Tag Archives: National Science Foundation

P1030522

Backyard Ecology (Plus new video on Bay Mouth Bar)

Episode 7: Where Everything is Hungry

It’s always a good shoot day at Bay Mouth Bar as every animal seems to be eating every other animal.  Oyster reefs, salt marshes, and seagrass beds- the habitats we’ve covered over the last three weeks- reward those who take the time to look closely.  At Bay Mouth Bar, everything is all out in the open.  For a limited time, anyway…
Dr. David Kimbro FSU Coastal & Marine Lab

IGOR chip_ predators_NCE 150IGOR chip- filtration 150Like most kids, I spent a lot of my formative years in the backyard practicing how to throw the game-winning touch down pass, to shoot the game winning three-pointer, and to sink the formidably long putt.  Although my backyard facilities obviously didn’t propel me into the NFL, NBA, or PGA, they never closed, required no admission fee from my pockets (thanks Mom and Dad!), and were only a few steps away.

Now that I’m striving to be an ecologist at Florida State University, I’m feeling pretty darn lucky about my backyard again. Instead of spending tons of time flying, boating, and driving to far away exotic places, I can use a kayak and ten minutes of David-power to access some amazing habitats right here along the Forgotten Coast.

Part of this coastal backyard was first intellectually groomed by one of the more famous and pioneering scientists of modern-day ecology, Dr. Robert Paine. Five decades ago, Dr. Paine noticed that the tip of Alligator Point sticks out of the water for a few hours at low tide. Of course, this only happens when the tides get really low, which happens about 5 days every month. But when the tip of Alligator Point (which is locally called Bay Mouth Bar) did emerge from the sea each month, Dr. Paine saw tons of large carnivorous snails slithering around a mixture of mud and seagrass. When I first saw this place, my eyeballs bulged out at the site of snails as large as footballs!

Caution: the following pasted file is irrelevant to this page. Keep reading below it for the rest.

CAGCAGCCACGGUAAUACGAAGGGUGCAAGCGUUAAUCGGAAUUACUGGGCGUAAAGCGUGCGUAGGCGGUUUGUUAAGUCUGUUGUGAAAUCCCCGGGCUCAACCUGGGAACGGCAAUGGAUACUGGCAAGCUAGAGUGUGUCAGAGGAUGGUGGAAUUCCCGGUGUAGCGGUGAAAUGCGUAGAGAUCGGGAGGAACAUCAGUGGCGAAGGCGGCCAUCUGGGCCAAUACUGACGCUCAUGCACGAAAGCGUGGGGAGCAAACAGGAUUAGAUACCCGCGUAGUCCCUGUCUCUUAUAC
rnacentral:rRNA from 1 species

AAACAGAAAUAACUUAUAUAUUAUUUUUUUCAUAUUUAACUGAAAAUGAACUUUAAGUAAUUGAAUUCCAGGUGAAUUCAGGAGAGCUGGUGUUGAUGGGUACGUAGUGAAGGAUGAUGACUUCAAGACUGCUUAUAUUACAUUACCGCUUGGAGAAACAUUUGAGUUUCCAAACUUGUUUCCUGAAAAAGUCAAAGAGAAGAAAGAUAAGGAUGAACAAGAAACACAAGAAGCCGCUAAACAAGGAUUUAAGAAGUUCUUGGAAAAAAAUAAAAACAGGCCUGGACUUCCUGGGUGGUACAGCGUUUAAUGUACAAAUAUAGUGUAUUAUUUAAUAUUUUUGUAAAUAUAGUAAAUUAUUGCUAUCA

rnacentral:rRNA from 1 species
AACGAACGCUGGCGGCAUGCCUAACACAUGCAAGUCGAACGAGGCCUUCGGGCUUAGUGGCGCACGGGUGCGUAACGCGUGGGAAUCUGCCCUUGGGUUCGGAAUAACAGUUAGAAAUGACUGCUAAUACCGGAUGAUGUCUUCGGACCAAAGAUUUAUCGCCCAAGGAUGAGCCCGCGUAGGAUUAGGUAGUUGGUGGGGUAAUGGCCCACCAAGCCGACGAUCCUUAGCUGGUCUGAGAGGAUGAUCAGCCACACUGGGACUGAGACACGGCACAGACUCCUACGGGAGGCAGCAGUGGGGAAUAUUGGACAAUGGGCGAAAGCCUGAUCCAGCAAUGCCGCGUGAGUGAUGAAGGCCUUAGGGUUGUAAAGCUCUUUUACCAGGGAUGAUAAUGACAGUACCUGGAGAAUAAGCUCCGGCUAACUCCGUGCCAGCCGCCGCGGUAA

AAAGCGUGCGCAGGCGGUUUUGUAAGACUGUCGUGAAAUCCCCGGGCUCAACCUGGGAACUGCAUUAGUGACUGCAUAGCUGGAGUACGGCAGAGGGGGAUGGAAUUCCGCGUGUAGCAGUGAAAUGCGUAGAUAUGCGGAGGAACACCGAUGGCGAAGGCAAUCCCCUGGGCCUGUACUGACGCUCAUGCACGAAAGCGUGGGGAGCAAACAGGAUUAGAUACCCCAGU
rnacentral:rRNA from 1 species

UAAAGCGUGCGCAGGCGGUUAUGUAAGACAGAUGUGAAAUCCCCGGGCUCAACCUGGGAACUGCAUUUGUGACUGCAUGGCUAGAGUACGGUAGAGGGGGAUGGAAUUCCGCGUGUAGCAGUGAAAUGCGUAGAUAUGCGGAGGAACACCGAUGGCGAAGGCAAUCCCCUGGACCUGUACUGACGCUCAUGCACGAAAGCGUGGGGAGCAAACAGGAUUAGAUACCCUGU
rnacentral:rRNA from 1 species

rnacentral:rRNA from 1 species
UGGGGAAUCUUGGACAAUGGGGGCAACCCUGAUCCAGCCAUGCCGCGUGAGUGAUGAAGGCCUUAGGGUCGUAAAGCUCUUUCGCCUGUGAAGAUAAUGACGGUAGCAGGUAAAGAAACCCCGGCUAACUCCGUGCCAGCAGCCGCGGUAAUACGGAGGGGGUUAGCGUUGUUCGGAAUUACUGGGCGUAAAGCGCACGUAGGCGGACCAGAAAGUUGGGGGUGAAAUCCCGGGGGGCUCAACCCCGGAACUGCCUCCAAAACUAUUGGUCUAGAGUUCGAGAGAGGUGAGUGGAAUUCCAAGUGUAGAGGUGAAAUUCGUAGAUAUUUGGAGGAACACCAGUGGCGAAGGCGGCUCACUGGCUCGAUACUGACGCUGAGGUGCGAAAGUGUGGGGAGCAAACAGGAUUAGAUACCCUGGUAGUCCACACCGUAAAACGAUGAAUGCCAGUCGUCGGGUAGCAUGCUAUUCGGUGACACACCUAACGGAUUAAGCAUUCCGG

Fast- forward 2 decades later: Dr. Paine is developing one of the most powerful ecological concepts (keystone species), one that continues to influence our science and conservation efforts to this very day. Using the rocky shoreline of the Pacific North West as his coastal backyard, he is showing how a few sea stars dramatically dictate what a rocky shoreline looks like.

By eating lots of mussels that outcompete wimpy algae and anemones for space, the sea star allows a lot of different species to stick around. In other words, the sea star maintains species diversity of this community by preventing the mussel bullies from taking over the schoolyard. That’s one simple, but powerful concept….one species can be the keystone for maintaining a system. Lose that species, and you lose the system.

Lightning Whelk

A large lightning whelk found on Bay Mouth Bar in December of 2010.

Ok, let’s grab our ecological concept and travel back in time to Dr. Paine’s earlier research at Bay Mouth Bar. Wow, the precursor to the keystone species concept may be slithering around our backyard of Bay Mouth Bar in the form of the majestic horse conch! In this earlier work, the arrival of this big boy at the bar was followed by the disappearance of all of the former big boys (like this lightning whelk). By eating lots of these potential bullies, the horse conch may be the key for keeping this system so diverse in terms of other wimpy snails.

But why should anyone other than an ecologist care about the keystone species concept and its ability to link Bay Mouth Bar with rocky shorelines of the Pacific NW? Well, what if the lightning whelks eat a lot more clams than do other snails, and less clams buried beneath sediments means less of the sediment modification that can really promote seagrass (Read more about the symbiotic relationship between bivalves and seagrasses here)?  Thanks to Randall’s previous seagrass post, we can envision that less horse conchs could lead to less clams, less seagrass, and then finally a lot less of things that are pleasing to the eye (e.g., birding), to the fishing rod (e.g., red drum), to the stomach (e.g., blue crabs), and ultimately to our economy.

For the past two years, I’ve really enjoyed retracing Dr. Paine’s footsteps at Bay Mouth Bar. But lately, I’m feeling a little more urgent about needing to better understand this system because it’s disappearing (aerial images provided by USGS’s online database at http://earthexplorer.usgs.gov/).